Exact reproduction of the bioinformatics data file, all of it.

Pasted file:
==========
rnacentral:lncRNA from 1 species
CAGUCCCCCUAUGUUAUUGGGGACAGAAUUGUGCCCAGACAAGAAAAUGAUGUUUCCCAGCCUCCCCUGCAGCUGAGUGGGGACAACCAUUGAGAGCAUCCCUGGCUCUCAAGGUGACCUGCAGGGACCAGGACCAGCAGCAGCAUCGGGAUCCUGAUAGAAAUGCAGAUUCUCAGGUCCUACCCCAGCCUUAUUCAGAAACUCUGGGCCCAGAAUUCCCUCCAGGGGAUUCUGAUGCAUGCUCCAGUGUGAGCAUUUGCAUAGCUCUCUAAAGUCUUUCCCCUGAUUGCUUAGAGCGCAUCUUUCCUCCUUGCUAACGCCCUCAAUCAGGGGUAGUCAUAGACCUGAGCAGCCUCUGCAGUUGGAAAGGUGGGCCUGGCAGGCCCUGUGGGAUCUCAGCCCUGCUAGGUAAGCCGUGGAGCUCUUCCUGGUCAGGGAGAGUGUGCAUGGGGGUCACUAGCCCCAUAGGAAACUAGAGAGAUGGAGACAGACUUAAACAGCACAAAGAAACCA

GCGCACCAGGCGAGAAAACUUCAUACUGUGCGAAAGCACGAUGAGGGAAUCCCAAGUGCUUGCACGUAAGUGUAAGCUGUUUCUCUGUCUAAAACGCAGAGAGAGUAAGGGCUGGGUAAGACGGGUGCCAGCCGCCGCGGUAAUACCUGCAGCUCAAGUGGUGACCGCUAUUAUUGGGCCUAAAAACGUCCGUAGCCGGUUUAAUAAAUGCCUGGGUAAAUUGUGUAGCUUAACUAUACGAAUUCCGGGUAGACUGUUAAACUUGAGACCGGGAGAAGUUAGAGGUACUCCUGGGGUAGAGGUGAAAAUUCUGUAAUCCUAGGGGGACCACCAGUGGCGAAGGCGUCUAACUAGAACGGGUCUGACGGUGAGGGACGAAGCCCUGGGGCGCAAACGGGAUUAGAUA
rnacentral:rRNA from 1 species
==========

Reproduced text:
rnacentral:lncRNA from 1 species
CAGUCCCCCUAUGUUAUUGGGGACAGAAUUGUGCCCAGACAAGAAAAUGAUGUUUCCCAGCCUCCCCUGCAGCUGAGUGGGGACAACCAUUGAGAGCAUCCCUGGCUCUCAAGGUGACCUGCAGGGACCAGGACCAGCAGCAGCAUCGGGAUCCUGAUAGAAAUGCAGAUUCUCAGGUCCUACCCCAGCCUUAUUCAGAAACUCUGGGCCCAGAAUUCCCUCCAGGGGAUUCUGAUGCAUGCUCCAGUGUGAGCAUUUGCAUAGCUCUCUAAAGUCUUUCCCCUGAUUGCUUAGAGCGCAUCUUUCCUCCUUGCUAACGCCCUCAAUCAGGGGUAGUCAUAGACCUGAGCAGCCUCUGCAGUUGGAAAGGUGGGCCUGGCAGGCCCUGUGGGAUCUCAGCCCUGCUAGGUAAGCCGUGGAGCUCUUCCUGGUCAGGGAGAGUGUGCAUGGGGGUCACUAGCCCCAUAGGAAACUAGAGAGAUGGAGACAGACUUAAACAGCACAAAGAAACCA

GCGCACCAGGCGAGAAAACUUCAUACUGUGCGAAAGCACGAUGAGGGAAUCCCAAGUGCUUGCACGUAAGUGUAAGCUGUUUCUCUGUCUAAAACGCAGAGAGAGUAAGGGCUGGGUAAGACGGGUGCCAGCCGCCGCGGUAAUACCUGCAGCUCAAGUGGUGACCGCUAUUAUUGGGCCUAAAAACGUCCGUAGCCGGUUUAAUAAAUGCCUGGGUAAAUUGUGUAGCUUAACUAUACGAAUUCCGGGUAGACUGUUAAACUUGAGACCGGGAGAAGUUAGAGGUACUCCUGGGGUAGAGGUGAAAAUUCUGUAAUCCUAGGGGGACCACCAGUGGCGAAGGCGUCUAACUAGAACGGGUCUGACGGUGAGGGACGAAGCCCUGGGGCGCAAACGGGAUUAGAUA
rnacentral:rRNA from 1 species